The latch clicked, the sound of drunken giggles moving away from the closet until they were in silence. Julie dared a glance at Peter, whose eyes were locked incredulously on the doorknob. He reached out half-heartedly.
“There’s no way they didn’t lock the door, is there?” he murmured. He turned the knob slowly.
“Yeah,” he said. He wiped his hand on his shorts. “Ok.”
He chanced a look at Julie. His lips quirked in a nervous smile.
“Guess the next question is,” he said slowly. “Do you think they’re sober enough to remember to let us out?”
“I don’t think sobriety has much to do with it,” Julie sighed, biting her lip. “This kind of thing is pretty on brand for Amber.”
“What, forcing people to play high school make-out games?”
“No, like, literally locking people in closets and leaving them.”
His eyes widened. She smirked.
“Oh,” he sighed. “Ok, you were joking.”
“No, there is every chance that Amber’s just gonna leave us here,” she said. She shifted her back against the wall, dislodging the handle of a broom from the tender space between her shoulder blades. “Ask Chrissie about the Halloween party in 2018. She’s got stories.”
He shook his head, quiet for a moment.
“At least we’re not alone.”
She laughed. “Yeah.”
He was watching her, his eyes a dark honey color in the slats of golden light filtering through the closet door. She felt her face grow warm.
“So,” he said quietly. “Do we break down the door?”
“Maybe,” she said thoughtfully. She felt his hand brush her waist, and her stomach twisted in anticipation. “But maybe… maybe not right away.”
“Yeah,” he whispered. “Let’s keep that on in our back pocket.”
It had never been expressly forbidden from her, the attic; she’d caught glimpses beyond her mother’s shoulder as she’d come down with ancestral china for the holidays, the dusty rafts and golden slant of light catching her eyes just before Mother would pull the heavy door shut behind her.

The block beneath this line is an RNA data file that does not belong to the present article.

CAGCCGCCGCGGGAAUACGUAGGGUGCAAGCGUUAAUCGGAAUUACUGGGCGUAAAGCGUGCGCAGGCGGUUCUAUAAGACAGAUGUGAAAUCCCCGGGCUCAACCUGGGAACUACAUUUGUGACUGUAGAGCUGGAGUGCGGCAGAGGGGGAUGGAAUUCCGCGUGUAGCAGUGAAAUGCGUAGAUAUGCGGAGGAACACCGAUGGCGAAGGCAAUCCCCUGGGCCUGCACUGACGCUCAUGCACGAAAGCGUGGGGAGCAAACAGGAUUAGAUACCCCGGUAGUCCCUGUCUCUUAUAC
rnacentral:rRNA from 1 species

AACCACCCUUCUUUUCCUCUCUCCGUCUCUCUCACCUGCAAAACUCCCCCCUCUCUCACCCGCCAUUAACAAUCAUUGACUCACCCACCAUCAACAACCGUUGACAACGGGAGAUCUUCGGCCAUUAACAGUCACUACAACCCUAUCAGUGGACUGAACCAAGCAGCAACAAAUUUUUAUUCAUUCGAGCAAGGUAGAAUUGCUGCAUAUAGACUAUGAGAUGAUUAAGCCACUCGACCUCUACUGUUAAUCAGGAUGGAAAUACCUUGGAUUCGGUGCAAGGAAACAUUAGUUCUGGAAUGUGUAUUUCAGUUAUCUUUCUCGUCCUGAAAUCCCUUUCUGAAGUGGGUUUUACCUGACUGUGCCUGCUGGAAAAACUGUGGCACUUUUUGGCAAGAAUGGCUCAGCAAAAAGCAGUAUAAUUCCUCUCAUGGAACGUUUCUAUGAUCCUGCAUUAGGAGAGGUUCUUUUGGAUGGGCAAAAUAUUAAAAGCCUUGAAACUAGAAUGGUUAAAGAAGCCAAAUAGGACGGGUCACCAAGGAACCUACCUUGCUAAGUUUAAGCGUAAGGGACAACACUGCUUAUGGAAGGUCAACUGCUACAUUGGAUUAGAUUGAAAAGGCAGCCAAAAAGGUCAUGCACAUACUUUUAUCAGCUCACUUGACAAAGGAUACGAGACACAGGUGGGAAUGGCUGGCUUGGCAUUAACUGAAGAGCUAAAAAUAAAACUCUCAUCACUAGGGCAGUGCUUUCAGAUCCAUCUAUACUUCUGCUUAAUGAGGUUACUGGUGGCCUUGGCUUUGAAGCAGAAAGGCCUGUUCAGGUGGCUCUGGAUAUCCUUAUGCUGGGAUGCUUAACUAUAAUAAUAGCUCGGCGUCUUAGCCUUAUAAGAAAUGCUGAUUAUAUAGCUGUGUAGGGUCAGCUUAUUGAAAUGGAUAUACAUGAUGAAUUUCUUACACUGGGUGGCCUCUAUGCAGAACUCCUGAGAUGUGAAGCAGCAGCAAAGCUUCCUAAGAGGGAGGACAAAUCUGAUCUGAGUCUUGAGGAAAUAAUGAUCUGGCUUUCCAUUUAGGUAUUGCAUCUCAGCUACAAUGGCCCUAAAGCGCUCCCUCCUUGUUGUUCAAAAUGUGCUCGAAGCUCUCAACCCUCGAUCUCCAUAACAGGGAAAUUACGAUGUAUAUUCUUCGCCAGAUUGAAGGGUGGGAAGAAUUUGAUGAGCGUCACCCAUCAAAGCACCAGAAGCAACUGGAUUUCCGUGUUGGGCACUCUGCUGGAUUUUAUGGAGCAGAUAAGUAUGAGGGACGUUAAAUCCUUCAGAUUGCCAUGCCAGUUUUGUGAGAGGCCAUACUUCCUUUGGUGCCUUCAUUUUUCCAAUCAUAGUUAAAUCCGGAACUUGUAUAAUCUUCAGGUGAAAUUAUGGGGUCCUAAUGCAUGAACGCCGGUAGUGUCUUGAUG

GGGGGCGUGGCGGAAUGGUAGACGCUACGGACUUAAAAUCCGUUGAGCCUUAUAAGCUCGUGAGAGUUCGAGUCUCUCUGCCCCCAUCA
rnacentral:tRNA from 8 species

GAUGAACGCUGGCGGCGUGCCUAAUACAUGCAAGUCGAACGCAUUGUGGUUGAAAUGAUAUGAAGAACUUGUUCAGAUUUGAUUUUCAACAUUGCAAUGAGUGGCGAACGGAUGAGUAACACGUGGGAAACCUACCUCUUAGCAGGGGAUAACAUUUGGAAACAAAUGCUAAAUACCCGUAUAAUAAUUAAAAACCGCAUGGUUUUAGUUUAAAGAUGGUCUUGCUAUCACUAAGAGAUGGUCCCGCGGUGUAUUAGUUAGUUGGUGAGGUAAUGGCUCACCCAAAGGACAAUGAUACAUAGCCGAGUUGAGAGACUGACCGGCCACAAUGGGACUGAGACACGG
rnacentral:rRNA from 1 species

As a child, whenever she’d asked any question about her family, inevitably it would lead to lavish stories of family who could do amazing things; world-class fencers, dancers, famous accordion players. If her father were in a good mood, or had had a particularly robust wine with dinner those stories would lead to some treasure or another being hauled down from the attic as proof; gleaming rapiers, wooden clogs engraved with tulips and windmills, scuffed up concertinas with thin-worn bellows.
So when Kira asked about her aunt, a vivacious and striking woman who she only remember in hazy memories of childhood summers, she had expected a grand story, and her mother touting an armful of memorobilia down the narrow stairs.
Instead, her mother went silent. She glanced over at Kira’s father, worrying her lip. Her father stared into the fire and said nothing.
“Aunt Marigold,” she had said again, slightly louder, thinking perhaps they hadn’t heard. “You remember? She used to bring me cherry cordials–“
“She disappeared,” her father said, and startled, obviously louder than even her had intended. Kira braced herself against the wall. Her father took a deep breath and picked up his paper, an unquestionably dismissive gesture.
“Went gallivanting off in search of her fortune years ago. You were still a child.” He stared at his paper, his eyes unmoving.
“We haven’t heard from her since,” he finished. Kira looked to her mother, who was idly clacking her knitting needles together. She chose to say no more.
That night, when she was certain her parents were asleep, she opened the attic door herself for the first time.
Day….Twelve?? I’m not fond of either vignette, but I’m kind of in love with the sketch idea I had for the second of the two. Another opportunity to play with transparency and glow effects.
I am exhausted tonight, so I’m going to go take a shower and head to bed to read.
Stay safe and sane, all.
This month, I’m using a random word generator to generate three words around which I will then craft a sketch and a literary vignette. I will chose my five favorites to fully flesh out (as full digital paintings and short-short stories) in May and beyond.